Question: Starting a New NEMT Business vs. Franchising

I am wanting to startup a new transportation business with one vehicle but recently saw a franchise opportunity and an existing transportation business with 5 vehicles and was wondering which plan would give me the quickest ROI. I am new to the transportation business but am eager to start helping people regardless of the route I need to take. Thank you for your time.


Thank you for the great questions.  Without knowing more about the businesses or franchise you are interested in acquiring it is difficult for me to offer targeted insight with regard to which will give you the quickest and most robust ROI.

However, I am 100% against the franchise business model for NEMT for several reasons as follows:

1. They cannot guarantee you trip volume – REGARDLESS of what they promise you!

2. NEMT franchises will work to sign you up with Medicaid Brokers who are the lowest form of reimbursement.  Brokers should NOT be the foundational source of your revenue nor should they be a main attraction or source of enticement to invest.  Medicaid broker work is what I call the "low hanging fruit" - anyone can get it as it is readily available

3. Like any franchise, the franchise will require regular franchise fees for which I am 100% against being pick pocketed for the life of your business.  Needless to say, when it comes to NEMT and home care franchises, you will eventually outgrow the need for the franchise and, thus, should no longer need to pay such laughable fees

4. Over the years I have had about a dozen or so franchise business owners in various states contact me for advice on either selling their business and/or finding a legal solution to opt out of the franchise

So, buying an existing business being sold independently is an option, but that requires much more research and lengthy discussions for which I am happy to assist, but you will need to contact me directly so I can itemize the resources and materials you will need to provide.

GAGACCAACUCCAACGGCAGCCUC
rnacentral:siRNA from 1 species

Obviously, you can start your business from scratch as my material is designed to assist.  But regardless of circumstances or which direction you are currently leaning, I most certainly can tell you that I would NEVER advise you or anyone to invest in an NEMT or home care franchise.  They are foolish business model with a limited shelf life.  That last thing you want to do is no longer need them, yet, be stuck paying them fees and royalties or the life of your business.

Question: Worker's Comp Issue

I am working with three different worker com brokers but we don't get too many calls from them, maybe 2-3 calls per day even though we offer them as low as $1.65 pr mile for ambulatory and $2.20 for wheelchair.   I know that other providers are getting many more calls.  How can we build a good connection and relationships with them?  Do we have to pay some kind of commission?


Thank you for your great question!  Some random thoughts, ideas and feedback as follows:

1. I obviously don’t know what your competitors are charging, but you need to be VERY cautious about continuing to reduce your rates in an effort to try and make yourself appear more appealing to customers and potential comp brokers in general.  Reducing your rates is definitely a slippery slope that can put you in a very bad situation.  

First, you tighten your profit earning potential.  If anything happens during a trip in terms of duration or demand you can find yourself losing money - quickly!  Even more, you legitimately don't have the resources to grow and scale your business!

Second, you can look cheap – no one likes cheap or wants to use a provider who looks like they might be out of business soon.  

Third, when your rates are low it can be VERY difficult to raise your rates in the future, especially when you have created a solid clientele and they have grown accustomed to your low rates!

2.  Just as I don’t know anything about your competitors, I similarly, don’t know much about your business and what you've been doing to gain new clients.  But a few things I will tell for sure as follows: